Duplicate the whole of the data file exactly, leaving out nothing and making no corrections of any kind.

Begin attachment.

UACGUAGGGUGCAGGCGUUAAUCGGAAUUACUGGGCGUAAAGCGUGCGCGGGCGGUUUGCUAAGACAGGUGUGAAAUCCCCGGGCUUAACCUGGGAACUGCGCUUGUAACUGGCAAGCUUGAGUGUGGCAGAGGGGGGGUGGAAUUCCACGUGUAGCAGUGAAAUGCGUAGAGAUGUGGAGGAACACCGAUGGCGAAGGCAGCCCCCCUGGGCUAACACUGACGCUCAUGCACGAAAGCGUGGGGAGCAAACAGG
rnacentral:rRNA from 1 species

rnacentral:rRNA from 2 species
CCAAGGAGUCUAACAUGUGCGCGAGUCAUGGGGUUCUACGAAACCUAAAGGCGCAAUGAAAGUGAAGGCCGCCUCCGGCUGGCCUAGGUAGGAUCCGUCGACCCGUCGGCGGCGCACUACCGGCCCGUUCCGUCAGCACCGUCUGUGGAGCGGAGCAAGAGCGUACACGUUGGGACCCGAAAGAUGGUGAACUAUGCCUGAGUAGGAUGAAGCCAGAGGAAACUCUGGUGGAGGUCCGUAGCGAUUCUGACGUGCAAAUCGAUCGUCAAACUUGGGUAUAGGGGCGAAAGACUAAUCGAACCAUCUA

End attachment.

UACGUAGGGUGCAGGCGUUAAUCGGAAUUACUGGGCGUAAAGCGUGCGCGGGCGGUUUGCUAAGACAGGUGUGAAAUCCCCGGGCUUAACCUGGGAACUGCGCUUGUAACUGGCAAGCUUGAGUGUGGCAGAGGGGGGGUGGAAUUCCACGUGUAGCAGUGAAAUGCGUAGAGAUGUGGAGGAACACCGAUGGCGAAGGCAGCCCCCCUGGGCUAACACUGACGCUCAUGCACGAAAGCGUGGGGAGCAAACAGG
rnacentral:rRNA from 1 species

rnacentral:rRNA from 2 species
CCAAGGAGUCUAACAUGUGCGCGAGUCAUGGGGUUCUACGAAACCUAAAGGCGCAAUGAAAGUGAAGGCCGCCUCCGGCUGGCCUAGGUAGGAUCCGUCGACCCGUCGGCGGCGCACUACCGGCCCGUUCCGUCAGCACCGUCUGUGGAGCGGAGCAAGAGCGUACACGUUGGGACCCGAAAGAUGGUGAACUAUGCCUGAGUAGGAUGAAGCCAGAGGAAACUCUGGUGGAGGUCCGUAGCGAUUCUGACGUGCAAAUCGAUCGUCAAACUUGGGUAUAGGGGCGAAAGACUAAUCGAACCAUCUA